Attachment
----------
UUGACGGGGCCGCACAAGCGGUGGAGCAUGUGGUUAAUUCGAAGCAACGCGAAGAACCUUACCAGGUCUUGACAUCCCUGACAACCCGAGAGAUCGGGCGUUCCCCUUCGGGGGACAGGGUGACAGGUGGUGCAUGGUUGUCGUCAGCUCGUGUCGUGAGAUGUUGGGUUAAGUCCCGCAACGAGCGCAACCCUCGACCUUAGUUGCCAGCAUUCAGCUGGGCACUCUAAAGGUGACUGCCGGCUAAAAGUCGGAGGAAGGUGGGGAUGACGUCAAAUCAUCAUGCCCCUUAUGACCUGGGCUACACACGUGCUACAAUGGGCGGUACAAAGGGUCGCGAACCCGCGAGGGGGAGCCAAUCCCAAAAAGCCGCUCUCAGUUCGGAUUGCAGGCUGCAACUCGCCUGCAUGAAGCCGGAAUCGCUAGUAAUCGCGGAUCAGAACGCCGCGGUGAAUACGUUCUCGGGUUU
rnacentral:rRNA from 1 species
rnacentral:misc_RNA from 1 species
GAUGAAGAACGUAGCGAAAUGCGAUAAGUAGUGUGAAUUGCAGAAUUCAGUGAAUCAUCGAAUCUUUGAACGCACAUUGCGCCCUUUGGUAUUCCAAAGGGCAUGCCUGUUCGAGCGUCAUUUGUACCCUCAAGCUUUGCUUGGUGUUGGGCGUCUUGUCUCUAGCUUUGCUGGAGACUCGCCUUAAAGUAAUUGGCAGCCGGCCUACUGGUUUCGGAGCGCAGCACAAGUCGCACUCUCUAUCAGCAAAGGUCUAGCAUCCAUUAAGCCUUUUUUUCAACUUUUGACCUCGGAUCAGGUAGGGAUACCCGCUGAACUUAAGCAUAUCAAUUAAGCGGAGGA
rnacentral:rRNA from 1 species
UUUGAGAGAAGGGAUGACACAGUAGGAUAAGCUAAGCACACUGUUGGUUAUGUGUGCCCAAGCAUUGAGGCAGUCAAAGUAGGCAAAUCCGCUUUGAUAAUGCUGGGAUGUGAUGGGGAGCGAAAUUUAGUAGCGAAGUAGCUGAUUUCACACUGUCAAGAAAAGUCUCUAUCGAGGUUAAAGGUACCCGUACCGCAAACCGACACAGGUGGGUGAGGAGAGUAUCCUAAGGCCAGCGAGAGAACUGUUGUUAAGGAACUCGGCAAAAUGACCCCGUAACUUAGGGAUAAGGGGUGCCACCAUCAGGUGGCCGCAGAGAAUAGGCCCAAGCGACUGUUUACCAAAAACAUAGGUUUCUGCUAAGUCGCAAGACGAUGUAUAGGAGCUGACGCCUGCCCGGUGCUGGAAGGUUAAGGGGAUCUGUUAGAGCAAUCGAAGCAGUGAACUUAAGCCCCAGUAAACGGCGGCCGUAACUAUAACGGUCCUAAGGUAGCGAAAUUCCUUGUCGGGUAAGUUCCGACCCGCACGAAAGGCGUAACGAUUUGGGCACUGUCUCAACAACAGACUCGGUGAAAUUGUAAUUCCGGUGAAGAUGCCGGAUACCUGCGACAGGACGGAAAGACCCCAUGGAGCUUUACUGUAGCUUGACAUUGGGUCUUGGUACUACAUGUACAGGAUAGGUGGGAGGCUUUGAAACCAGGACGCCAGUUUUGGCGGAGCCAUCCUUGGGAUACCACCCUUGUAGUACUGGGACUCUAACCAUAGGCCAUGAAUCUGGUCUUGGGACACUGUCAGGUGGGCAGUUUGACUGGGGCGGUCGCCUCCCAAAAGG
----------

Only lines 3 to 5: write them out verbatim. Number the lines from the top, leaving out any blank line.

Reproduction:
rnacentral:misc_RNA from 1 species
GAUGAAGAACGUAGCGAAAUGCGAUAAGUAGUGUGAAUUGCAGAAUUCAGUGAAUCAUCGAAUCUUUGAACGCACAUUGCGCCCUUUGGUAUUCCAAAGGGCAUGCCUGUUCGAGCGUCAUUUGUACCCUCAAGCUUUGCUUGGUGUUGGGCGUCUUGUCUCUAGCUUUGCUGGAGACUCGCCUUAAAGUAAUUGGCAGCCGGCCUACUGGUUUCGGAGCGCAGCACAAGUCGCACUCUCUAUCAGCAAAGGUCUAGCAUCCAUUAAGCCUUUUUUUCAACUUUUGACCUCGGAUCAGGUAGGGAUACCCGCUGAACUUAAGCAUAUCAAUUAAGCGGAGGA
rnacentral:rRNA from 1 species